Third Session

United Nations’ Role in Human Rights

Date: September 16, 2020

Time: 03.00 pm to 5:00 pm


Panelists recalled the historic adoption of the Universal Declaration of Human Rights in 1948 and stated that Bangladesh remains committed to fulfilling its duties under Constitutional and international law to respect and uphold human rights.


Despite human rights being one of the fundamental pillars of the UN Charter, it was noted that their protection remains a major challenge for the UN system and Member States. Considering the fact that all countries, big and small, have human rights issues—including democracies—participants remarked that the human rights system of the UN, and the UN as a whole, can only be as effective and as relevant as its Member States make it.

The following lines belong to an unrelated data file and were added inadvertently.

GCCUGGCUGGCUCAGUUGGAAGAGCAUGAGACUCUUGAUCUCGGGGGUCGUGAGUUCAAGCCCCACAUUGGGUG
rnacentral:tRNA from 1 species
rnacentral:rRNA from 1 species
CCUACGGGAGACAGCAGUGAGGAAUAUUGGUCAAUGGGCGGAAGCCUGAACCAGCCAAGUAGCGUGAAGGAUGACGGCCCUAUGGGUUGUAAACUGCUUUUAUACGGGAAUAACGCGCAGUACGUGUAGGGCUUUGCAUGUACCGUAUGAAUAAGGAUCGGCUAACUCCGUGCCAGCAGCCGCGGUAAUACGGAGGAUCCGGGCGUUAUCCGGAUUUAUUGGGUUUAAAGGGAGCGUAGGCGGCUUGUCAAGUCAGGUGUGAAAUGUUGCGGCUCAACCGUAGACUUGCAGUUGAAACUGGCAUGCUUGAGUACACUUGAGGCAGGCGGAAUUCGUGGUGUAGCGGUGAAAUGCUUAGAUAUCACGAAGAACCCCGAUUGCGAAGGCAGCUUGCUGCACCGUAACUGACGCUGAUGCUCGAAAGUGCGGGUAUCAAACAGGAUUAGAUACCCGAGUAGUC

Participants also noted that strong support is needed for supranationalism over bilateralism, and that regular budget allocations for human rights should be increased, as voluntary contributions can affect transparency and discourage multilateral action. One of the panelists remarked that human rights standards are Western-centric and often fail to take into consideration the Global South’s view and practices. It was also noted that given the current state of the world, the UN’s human rights system should redirect its focus toward issues relating to development, as these require increased cooperation and partnerships. 


Participants noted that the UN should also focus on addressing inequalities and preventing violence in pursuit of the protection of democracy and human rights. In order to ensure that the UN upholds its commitments to human rights, participants also noted that the UN should ensure equality of people, as well as between Member States. After all, the protection of human rights is critical for sustaining peace and achieving sustainable development.